What’s a School District Worth? An Economic Perspective

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Several years ago, we did an analysis to predict which zip codes would have the fastest return to pre-recession levels for single-family homes. That analysis looked at all 90 zip codes in San Diego County. The results indicated that the higher the SATs for the high schools serving the zip code, the faster the recovery.

At that time, the zip code with the highest SAT scores was 92130, which is the Carmel Valley community served by the San Dieguito High School District. In fact, its home prices were the first to bounce back to pre-recession levels and continue to rise.

This time, we looked at the zip codes and SAT scores for selected school districts to ascertain whether there is a direct correlation between SAT scores and the price-per-square foot of single-family home resales. We focused on districts north of Interstate 8 since the neighborhoods to the south are experiencing strong demographic shifts, especially with construction near the border and in downtown San Diego.

The latest SAT data we were able to acquire was from pre-2016, which was based on a 2,400-point system. The new SAT is now back to the 1,600-point system and changed both the material and way it is scored, plus the essay as optional (for those who want to get into the UC System).

We found, once again, a strong correlation between SAT scores and prices-per-square-foot. Additionally, the San Dieguito High School District had the highest SAT scores (at 1,818) and the highest price-per-square-foot for resales ($499).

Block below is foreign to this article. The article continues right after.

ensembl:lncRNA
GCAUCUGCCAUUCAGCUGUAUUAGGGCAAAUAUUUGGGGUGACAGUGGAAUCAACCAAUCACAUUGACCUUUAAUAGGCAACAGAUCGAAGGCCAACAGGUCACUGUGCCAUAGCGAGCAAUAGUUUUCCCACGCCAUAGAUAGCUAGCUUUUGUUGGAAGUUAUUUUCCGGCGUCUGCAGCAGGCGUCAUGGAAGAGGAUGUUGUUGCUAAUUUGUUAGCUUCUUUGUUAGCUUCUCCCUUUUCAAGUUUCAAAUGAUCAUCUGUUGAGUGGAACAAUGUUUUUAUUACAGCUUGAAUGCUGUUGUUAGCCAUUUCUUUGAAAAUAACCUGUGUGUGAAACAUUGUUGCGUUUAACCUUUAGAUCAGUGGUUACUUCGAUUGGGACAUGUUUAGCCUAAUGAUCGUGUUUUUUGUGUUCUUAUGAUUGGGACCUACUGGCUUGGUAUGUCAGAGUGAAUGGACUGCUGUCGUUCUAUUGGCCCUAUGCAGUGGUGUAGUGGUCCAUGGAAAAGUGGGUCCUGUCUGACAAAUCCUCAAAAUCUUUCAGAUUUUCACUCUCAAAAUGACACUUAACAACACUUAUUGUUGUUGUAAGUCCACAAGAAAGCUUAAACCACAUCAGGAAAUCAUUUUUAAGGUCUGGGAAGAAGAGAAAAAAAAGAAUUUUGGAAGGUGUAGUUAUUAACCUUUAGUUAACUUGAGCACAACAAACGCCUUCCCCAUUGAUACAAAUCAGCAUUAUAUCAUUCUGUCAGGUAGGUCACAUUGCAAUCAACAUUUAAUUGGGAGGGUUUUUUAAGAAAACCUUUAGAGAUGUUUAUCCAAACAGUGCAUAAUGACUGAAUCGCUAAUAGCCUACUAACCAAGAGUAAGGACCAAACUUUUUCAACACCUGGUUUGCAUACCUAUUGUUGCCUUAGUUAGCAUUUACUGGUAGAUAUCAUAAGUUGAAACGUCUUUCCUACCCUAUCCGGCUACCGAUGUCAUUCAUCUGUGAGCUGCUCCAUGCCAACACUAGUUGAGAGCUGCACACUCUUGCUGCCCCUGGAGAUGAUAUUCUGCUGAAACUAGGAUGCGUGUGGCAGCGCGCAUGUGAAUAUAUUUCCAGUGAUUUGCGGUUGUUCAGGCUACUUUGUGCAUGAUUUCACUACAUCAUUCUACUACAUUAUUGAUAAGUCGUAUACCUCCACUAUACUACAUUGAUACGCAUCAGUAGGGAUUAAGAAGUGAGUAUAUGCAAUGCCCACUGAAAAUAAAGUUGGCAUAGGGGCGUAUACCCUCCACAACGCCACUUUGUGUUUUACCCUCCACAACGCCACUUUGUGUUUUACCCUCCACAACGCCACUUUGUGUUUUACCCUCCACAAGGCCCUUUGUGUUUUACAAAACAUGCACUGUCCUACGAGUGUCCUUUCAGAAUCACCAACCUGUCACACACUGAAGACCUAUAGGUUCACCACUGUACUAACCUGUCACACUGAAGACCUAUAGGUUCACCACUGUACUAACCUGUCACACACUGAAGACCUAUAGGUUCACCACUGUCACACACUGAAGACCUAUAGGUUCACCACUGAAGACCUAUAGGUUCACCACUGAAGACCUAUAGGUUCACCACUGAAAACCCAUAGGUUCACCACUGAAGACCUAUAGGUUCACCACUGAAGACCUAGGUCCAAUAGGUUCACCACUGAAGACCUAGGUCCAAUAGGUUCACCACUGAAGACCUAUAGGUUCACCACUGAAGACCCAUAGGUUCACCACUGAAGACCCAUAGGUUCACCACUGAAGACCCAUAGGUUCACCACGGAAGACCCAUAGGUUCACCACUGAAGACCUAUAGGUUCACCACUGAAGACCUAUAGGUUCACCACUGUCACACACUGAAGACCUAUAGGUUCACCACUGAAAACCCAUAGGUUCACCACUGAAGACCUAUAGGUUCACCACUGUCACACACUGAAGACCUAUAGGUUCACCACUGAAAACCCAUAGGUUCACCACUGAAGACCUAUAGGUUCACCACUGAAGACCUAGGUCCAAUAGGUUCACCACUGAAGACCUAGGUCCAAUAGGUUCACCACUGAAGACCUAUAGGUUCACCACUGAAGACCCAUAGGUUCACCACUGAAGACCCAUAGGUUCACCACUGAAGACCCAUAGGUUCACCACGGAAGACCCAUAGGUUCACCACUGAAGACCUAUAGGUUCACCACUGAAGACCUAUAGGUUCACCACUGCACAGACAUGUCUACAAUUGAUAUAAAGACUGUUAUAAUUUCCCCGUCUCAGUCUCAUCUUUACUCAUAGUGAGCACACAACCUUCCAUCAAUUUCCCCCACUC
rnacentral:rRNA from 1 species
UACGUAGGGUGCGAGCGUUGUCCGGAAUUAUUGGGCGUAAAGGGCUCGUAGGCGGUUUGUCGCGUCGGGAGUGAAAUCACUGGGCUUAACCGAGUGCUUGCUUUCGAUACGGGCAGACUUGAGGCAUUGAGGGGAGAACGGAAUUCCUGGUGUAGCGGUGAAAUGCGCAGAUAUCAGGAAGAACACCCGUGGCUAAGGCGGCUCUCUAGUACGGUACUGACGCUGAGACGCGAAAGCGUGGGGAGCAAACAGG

As we move inland, the SAT scores decline along with the average price-per-square foot. It’s almost a perfect correlation.

SAT scores 1

At the bottom of the list was Orange Glen High School in Escondido, with an average SAT score of 1,332 and average price-per-square-foot of $283.

We also looked at the same high schools to see how they fared compared to the statewide standardized testing for English, math and science. Our exhibit displays the data, where the the percentage of students in the met or exceeded state standards categories are plotted across the school districts. As with the SAT scores, there is a similar strong correlation in the home prices and student performance, especially in math.

Per Square Foot

(This data is public and comes from the California Board of Education. Type in “SARC scores” where every school is listed.)

For families looking for a nice house in a good school district at a fairly reasonable price, it appears that Westview and Rancho Bernardo are strong candidates. But, the real bargains are Grossmont and El Capitan, with perfectly decent SAT scores and bargain basement prices for housing; you’ll just need to supplement your child’s math and science education with Khan Academy or tutoring. Overall, it is our contention that good schools and good zip codes mean strong home prices.

As an aside, the State of Colorado has begun an intense analysis to see what it would take to make Colorado the best school system in the United States. They are dead serious about it. Perhaps California should keep track of the Colorado project. This past year, Education Week Research ranked California in the bottom 15 of the 50 states (with a grade of C-), right down there with Arkansas and West Virginia.

Finally, in a recent issue of Atlantic Magazine, author Matthew Stewart discussed the importance of zip codes. He stated: “[Our] zip code is who we are. It defines our style, announces our values, establishes our status, preserves our wealth and allows us to pass it along to our children.”

Additional economic and market research articles by Alan Nevin can be found here.

Topics: Economics, Real Estate Development, Alan Nevin, San Diego


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